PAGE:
Hans Camenzind has written a great little book about the history of man's understanding and use of the electron, titled "Much Ado About 'Almost' Nothing". The book is about this tiny little atomic particle, with a weight of almost nothing, and a speed near the speed of light, which has become the workhorse of our culture, in tools large and small. The book traces the earliest observation of the actions of electrons, from pre-history to modern applications in electricity and electronics.
The existence of electrons was theorized by the ancient Greeks, such as Democritus in 400 BC. They were actually used for productive work by about 200 BC, with batteries used for electroplating jewelry in Iraq. Electron's take their name from the Greek word for amber, the dried and hardened sap of trees. People found that when amber was rubbed with fur, it would attract certain small objects, such as threads, feathers, and straw. This observation was the first notice taken of the action of electrons. The Greek scientist Thales observed the properties of amber and of lodestone, and formulated a theory for their actions. Thales was the perhaps the first known scientist, and worked on many different areas of science in about 600 BC.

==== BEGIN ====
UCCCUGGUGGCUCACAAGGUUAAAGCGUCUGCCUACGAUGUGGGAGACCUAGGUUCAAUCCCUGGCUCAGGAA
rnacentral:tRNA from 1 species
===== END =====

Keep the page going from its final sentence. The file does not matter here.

"Much Ado About 'Almost' Nothing" has many stories about man's very slow understanding of electrons, and focuses on the stories of the individual inventors making each tiny step of progress. At $14.95, its a great read for anyone, including scientists and non-scientists, and believe it or not, will be a book you will have a hard time putting down. available from the publisher, Booklocker.com.